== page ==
In this study we focus on the environmental context (i.e., the project place) impacting on flourishing, and particularly the concept of restorative niches, a ‘stable’ place feature that offers opportunities to promote wellbeing. Restorative environments (typically natural environments) have been shown to have important psychological health benefits that include raising mood and aiding recovery from fatigue and stress [11]. Although closely related, restorative niches differ from restorative environments in one important aspect [12]: whilst restorative environments are postulated as having universal benefits, a restorative niche takes on many forms and corresponds to a specific individual trait that needs restoration. So, for example, an extrovert might seek out a very different kind of restorative niche from an introvert. Korpela’s definition of restorative niches captures the need for a good fit between personal needs and a particular environment [13]. However, a person may act out of character so as to appear to fit a particular environment, taking advantage of that place only in order to pursue a particular project [12]. Whilst there are environments that appear to be universally restorative individual differences in personality means a ‘one niche fits all’ strategy cannot be applied. For the purposes of this paper, we are accepting Little’s model and conceptualising a ‘restorative niche’ as an environment that supports individual personal projects as measured by the core wellbeing dimensions of positive and negative affect, meaning, manageability and support. These five appraisal factors have consistently been shown to predict aspects of flourishing [7].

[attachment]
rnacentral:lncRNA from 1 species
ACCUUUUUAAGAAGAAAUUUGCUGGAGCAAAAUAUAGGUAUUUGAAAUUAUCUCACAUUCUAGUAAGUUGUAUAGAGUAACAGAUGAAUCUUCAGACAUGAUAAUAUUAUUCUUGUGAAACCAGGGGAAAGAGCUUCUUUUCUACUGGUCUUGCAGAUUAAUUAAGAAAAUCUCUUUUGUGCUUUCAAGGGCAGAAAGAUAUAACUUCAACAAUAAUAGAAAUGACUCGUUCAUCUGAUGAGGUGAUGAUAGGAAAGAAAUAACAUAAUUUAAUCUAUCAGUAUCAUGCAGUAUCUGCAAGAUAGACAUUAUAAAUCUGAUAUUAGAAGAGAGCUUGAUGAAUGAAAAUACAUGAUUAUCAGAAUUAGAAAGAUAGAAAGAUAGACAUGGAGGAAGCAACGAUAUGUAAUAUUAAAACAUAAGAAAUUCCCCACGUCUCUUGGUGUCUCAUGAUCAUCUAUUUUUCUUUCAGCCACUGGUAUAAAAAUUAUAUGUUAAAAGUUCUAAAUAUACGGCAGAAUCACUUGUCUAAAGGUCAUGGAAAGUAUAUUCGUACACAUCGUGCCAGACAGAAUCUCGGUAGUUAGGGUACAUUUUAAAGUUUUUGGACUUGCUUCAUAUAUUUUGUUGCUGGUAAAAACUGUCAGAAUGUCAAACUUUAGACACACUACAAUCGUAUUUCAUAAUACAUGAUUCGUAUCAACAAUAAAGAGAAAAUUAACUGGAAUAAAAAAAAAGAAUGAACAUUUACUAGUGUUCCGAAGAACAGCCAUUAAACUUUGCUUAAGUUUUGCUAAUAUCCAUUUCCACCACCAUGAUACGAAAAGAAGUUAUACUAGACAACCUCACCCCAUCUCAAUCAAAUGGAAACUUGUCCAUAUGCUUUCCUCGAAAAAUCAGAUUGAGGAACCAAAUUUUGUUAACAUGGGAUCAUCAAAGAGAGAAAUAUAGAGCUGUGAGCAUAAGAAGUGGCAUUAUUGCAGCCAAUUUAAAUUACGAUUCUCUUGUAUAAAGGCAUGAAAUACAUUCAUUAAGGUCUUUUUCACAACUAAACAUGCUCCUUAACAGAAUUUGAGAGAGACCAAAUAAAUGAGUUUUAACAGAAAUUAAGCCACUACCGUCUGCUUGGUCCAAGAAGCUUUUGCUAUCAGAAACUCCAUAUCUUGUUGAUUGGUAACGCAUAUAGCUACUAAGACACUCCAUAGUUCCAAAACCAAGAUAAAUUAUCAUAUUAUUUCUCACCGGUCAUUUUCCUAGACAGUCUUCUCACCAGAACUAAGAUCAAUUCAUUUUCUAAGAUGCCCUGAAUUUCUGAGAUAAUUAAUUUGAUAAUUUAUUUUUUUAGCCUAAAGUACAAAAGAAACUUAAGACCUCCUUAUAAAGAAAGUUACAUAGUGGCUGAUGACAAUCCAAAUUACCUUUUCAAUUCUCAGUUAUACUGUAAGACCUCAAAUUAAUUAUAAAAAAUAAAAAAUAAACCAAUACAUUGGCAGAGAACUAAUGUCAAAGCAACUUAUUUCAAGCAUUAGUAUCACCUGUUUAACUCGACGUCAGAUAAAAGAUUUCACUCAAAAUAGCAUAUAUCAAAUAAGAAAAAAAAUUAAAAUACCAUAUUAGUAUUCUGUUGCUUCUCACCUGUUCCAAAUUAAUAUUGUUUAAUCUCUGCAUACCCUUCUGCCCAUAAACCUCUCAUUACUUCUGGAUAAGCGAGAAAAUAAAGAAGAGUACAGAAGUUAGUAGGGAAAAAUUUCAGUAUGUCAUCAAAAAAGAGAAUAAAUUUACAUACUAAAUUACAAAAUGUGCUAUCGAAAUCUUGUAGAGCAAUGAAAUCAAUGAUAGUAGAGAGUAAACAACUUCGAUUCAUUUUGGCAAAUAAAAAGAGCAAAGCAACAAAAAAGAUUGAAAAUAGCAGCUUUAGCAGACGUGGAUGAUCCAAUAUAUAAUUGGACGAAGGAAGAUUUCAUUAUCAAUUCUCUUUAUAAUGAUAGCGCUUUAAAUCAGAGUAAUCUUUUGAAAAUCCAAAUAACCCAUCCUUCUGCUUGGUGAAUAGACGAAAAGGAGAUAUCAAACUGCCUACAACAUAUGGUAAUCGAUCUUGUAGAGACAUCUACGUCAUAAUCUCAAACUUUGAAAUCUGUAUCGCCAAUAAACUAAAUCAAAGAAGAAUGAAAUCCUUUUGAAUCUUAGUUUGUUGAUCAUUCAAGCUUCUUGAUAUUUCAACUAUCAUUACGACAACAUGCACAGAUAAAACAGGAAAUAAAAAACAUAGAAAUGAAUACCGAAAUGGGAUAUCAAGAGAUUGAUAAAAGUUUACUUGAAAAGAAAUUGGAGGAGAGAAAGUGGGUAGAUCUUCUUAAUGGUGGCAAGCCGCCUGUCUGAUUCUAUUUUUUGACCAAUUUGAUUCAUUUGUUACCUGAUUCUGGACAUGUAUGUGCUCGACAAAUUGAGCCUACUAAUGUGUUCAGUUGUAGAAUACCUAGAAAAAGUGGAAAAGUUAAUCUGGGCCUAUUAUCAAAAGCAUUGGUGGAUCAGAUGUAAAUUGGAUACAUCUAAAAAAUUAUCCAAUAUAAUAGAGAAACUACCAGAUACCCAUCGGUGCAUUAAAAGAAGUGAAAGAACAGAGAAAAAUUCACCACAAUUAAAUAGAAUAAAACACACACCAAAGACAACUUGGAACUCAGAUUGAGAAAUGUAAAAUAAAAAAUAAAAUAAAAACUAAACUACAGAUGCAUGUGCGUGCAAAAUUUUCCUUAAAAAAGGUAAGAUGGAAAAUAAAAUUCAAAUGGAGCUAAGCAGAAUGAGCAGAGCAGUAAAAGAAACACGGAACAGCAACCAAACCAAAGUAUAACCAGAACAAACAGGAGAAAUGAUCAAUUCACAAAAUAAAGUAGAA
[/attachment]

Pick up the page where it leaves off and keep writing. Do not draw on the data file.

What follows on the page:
1.3. Young People’s Personal Project System

Being engaged in challenging, absorbing and meaningful projects has been defined as an integral component of wellbeing in young people [14] but there appears to be limited research linking personal projects to wellbeing in adolescents [15,16,17]. The most meaningful projects for adolescents (aged 13 to 18 years) are those relating to interpersonal relationships, whilst academic projects are the least meaningful [15]. The most manageable personal projects are those related to community action (societal projects) and sport; and the most stressful are those relating to academic and intrapersonal projects (or self-focused projects) [15]. Self-focused projects and future-education projects are related to greater stress in adolescents (aged 15); present-interpersonal projects (i.e., leisure, friend, family and school related projects) are associated with higher levels of life satisfaction [16]. This reflects research in adults showing relationships between interpersonal projects and positive wellbeing [18] and between self-focused projects and stress and depression [19]. Where adolescent project systems appear to differ from adults is in the importance of the identity dimension (to what extent a project is pro-typical of someone). Identity projects have been identified as a central amongst the context of adolescent activities and goals [20]. Typically these are “projects involving interpersonally intimate or nurturant themes” [15] notably societal projects and family and friend relationship projects that are also linked with a greater sense of wellbeing. Identity projects are linked with greater feelings of efficacy and belonging in adolescents, and with higher rated subjective wellbeing [17].